Debunking automation myths about RPA, continuous improvement and change management
Automation technology has come a long way. And it will continue to evolve. With the right approach, staying agile and evolving with change should be part of the plan, not throw a wrench in it or add more friction.
Let's explore a few automation myths that might be holding you back:
- That automation always means Robotic Process Automation (RPA)
- It is a one-and-done project with a “finish line”
- That it adds friction or barriers to adoption
If your strategy is boxed into these assumptions, scaling, maintenance and continuous improvement will be an uphill battle. But it doesn't have to be.
Here’s the reality.
RPA is just the tip of the iceberg
Traditional RPA (also called bots or surface automation) was invented in the late 90s and is one of the more common forms of automation you’ll find in enterprises today.
Using bots to automate repetitive tasks in your company with very specific parameters can make a large impact. It’s best for repetitive, screen-based tasks that don’t require human judgement or too many dynamic steps across a multi-step process. And for processes unlikely to face much change.
However, in the practical world, there are few use cases that don’t actually require people, or that don’t face the potential for change at any given moment. So what happens when you need automation assistance in a more dynamic, longer-tail and semi-human dependent workflow? Or when there is a change to the process an RPA bot is doing?
Trying to stretch the limits of RPA gets hard to scale, creating more fragility and never-ending maintenance.
A no-code workflow automation platform takes a more modern approach with data-based, dynamic workflows. Think of it like building a digital assembly line. Some stages on the line can include routing tasks for people, while other tasks along the line get completed automatically. RPA can even be added as its own custom, individual workstation, so these results can be connected and more flexible to the rest of the process.
The right platform will have a data-based digital infrastructure at the core that acts like the conveyor belt to keep all steps in the process moving, visible and agile to dynamic changes or improvements at any time.
Automation shouldn’t have a finish line
Traditional tools like RPA, Business Process Automation (BPM), Integration Platforms as a Service (iPaaS), even low/no-code app development are usually treated as a project-based implementation. There is a lot of upfront process mining, reengineering, rip-and-replacement, heavy development and change management before a major deployment. But after crossing the “finish line,” these projects often fall to the back burner for upkeep maintenance, with little room for continuous improvement or evolution.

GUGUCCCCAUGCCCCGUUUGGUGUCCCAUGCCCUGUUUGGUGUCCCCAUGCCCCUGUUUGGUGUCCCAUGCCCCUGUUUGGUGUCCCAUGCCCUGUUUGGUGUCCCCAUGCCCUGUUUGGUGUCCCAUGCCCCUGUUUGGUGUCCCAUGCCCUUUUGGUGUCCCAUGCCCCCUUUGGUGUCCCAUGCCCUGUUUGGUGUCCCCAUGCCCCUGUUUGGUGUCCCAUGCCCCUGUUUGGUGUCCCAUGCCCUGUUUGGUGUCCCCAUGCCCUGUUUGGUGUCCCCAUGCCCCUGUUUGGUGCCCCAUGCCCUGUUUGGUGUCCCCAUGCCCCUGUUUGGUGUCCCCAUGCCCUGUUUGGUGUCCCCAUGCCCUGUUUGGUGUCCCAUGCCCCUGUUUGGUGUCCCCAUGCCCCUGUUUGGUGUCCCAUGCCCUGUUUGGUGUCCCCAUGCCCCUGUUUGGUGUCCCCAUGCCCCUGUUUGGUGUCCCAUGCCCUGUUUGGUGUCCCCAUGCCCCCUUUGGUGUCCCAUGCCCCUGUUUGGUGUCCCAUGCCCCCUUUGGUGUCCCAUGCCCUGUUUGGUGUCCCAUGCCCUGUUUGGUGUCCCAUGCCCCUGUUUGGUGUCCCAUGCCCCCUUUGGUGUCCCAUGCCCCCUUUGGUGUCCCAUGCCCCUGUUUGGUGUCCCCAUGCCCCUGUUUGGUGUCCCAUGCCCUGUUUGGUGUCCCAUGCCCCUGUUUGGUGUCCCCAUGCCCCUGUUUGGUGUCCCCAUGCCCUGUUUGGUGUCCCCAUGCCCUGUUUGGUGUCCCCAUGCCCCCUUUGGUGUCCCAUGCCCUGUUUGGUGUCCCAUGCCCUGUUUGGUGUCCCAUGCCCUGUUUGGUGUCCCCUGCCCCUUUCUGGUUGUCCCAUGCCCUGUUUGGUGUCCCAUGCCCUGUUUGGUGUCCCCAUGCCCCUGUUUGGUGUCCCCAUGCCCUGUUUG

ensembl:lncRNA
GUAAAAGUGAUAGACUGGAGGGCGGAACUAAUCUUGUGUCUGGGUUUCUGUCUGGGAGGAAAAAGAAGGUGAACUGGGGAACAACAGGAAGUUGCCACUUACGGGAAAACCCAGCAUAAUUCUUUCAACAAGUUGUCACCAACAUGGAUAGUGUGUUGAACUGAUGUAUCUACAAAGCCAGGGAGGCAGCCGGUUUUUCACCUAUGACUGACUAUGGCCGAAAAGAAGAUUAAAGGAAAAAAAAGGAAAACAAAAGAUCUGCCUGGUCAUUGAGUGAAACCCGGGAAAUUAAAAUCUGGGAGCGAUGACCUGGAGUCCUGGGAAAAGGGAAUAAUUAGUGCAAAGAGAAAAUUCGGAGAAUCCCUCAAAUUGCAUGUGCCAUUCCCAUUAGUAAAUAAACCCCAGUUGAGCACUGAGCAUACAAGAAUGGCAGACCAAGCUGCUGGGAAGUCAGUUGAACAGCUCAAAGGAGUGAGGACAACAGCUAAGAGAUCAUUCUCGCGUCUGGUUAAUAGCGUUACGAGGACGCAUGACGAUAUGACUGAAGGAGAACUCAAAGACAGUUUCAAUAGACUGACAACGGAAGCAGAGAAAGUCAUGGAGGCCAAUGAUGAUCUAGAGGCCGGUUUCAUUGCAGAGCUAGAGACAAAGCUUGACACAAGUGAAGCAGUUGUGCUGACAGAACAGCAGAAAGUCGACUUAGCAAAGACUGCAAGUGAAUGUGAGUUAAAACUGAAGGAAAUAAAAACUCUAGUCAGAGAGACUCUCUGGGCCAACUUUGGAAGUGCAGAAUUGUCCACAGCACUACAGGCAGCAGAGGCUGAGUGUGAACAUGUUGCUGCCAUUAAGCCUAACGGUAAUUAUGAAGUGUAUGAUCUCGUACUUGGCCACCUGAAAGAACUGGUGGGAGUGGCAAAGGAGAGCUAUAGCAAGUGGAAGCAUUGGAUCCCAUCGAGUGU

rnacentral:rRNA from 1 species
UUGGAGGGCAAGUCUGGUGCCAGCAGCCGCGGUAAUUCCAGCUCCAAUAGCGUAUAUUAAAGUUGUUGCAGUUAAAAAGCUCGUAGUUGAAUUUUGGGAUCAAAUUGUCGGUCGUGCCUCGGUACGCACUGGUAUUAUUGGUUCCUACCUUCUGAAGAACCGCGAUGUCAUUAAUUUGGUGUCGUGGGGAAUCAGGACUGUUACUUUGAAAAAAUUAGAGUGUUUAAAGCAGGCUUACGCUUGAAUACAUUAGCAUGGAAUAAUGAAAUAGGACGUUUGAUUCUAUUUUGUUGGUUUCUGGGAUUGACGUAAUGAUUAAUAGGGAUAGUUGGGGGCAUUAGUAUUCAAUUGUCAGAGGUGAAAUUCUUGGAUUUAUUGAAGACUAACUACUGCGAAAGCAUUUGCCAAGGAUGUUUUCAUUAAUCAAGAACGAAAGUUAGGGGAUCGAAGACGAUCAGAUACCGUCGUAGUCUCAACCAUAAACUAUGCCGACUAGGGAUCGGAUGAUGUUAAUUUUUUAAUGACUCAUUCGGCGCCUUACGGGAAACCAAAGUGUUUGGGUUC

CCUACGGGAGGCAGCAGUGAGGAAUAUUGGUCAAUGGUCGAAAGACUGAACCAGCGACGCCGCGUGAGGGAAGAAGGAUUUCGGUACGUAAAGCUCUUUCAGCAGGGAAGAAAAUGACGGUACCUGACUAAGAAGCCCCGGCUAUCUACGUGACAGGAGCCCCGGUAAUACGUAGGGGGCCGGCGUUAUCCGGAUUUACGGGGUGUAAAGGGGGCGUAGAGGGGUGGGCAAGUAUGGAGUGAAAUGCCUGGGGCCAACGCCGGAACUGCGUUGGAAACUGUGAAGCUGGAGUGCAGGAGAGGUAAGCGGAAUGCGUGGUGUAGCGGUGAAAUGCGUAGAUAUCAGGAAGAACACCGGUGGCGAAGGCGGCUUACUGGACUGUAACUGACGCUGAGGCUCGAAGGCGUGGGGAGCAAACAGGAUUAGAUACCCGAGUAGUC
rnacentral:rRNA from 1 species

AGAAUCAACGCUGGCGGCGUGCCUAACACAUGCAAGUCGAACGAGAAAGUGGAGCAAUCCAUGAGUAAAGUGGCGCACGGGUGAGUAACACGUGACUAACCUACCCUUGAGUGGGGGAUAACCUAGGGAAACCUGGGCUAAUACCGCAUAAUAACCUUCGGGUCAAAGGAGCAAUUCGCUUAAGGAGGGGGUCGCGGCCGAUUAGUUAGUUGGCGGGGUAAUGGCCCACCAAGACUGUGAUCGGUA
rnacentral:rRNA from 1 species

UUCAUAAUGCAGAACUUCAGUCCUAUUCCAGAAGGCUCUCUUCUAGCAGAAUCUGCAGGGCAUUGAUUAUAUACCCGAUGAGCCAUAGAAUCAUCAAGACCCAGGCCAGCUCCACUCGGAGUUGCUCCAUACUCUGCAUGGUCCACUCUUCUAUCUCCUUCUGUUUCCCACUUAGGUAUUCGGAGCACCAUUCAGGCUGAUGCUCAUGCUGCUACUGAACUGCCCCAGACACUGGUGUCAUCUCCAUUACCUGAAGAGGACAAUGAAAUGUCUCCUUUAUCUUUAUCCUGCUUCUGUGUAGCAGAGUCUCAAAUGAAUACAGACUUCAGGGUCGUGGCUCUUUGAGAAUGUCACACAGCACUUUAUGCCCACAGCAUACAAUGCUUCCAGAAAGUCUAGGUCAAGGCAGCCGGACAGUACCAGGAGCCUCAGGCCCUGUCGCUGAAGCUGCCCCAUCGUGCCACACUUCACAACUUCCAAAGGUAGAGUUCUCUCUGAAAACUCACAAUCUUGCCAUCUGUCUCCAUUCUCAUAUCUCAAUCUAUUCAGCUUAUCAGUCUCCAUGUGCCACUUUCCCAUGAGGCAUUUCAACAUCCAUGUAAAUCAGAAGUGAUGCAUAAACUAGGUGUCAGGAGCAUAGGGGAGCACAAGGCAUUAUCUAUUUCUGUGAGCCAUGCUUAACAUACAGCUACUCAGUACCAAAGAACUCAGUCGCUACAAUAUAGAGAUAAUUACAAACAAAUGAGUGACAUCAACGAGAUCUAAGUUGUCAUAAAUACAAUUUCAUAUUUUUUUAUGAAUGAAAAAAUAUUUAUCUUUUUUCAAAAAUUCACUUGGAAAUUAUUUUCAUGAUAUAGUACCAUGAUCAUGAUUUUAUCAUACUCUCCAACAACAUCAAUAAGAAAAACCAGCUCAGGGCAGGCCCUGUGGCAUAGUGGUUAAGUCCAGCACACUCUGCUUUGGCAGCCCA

This is not only a lot of technical maintenance added to the backlog, but once-current automations and solutions can become outdated quickly. Processes, customer needs, market conditions, company environment, as well as the latest technology available can change quickly.
What if an automation platform allowed for quicker, lighter weight creation, then had evolution and adaptation in mind? And what if it didn’t require a complete overhaul each time you wanted to improve the process?
The modular, dynamic structure of automated workflows built with a no-code workflow platform makes them low-maintenance, and open to changes, updates, and improvements in real time. It’s just a matter of adding, swapping, and testing different building blocks in your process.
When workflows are built this way, you can not only adapt to outside factors, but innovate and make the tech even smarter over time. You can have the agility to adapt your digital processes to sudden, unforeseen changes to the market, your organization, operations, or supply chain. Built in process data can give you operational intelligence and insights into bottlenecks or common errors, so you can make quick improvements.
You can even start with a basic workflow automation that routes tasks and people in order to standardize your process, then gradually add more automated features to save people’s time and innovate.
Automation is best when unseen
Too much change can be disruptive to productivity, team collaboration, management, culture and even customer experience. This is another reason why many technologists and employees fear change when it comes to technology and automation.
When traditional automation tech is rolled out, or gets updates or changes, an app interface or process can suddenly look different or require different steps, causing confusion or requiring training. With modern workflow automation, much of the process orchestration and automation happens in the background.
These workflows can be seamlessly integrated into the irreplaceable apps we already use, like email, Microsoft Office products, Slack, Salesforce and more. So while creating or making changes to an automated workflow on a no-code platform can create more efficiency and add new functionality, employees’ day-to-day view can remain relatively unchanged.
In this way, automation is best when invisible and embedded into workflows, making quick tech progress and smooth change management attainable.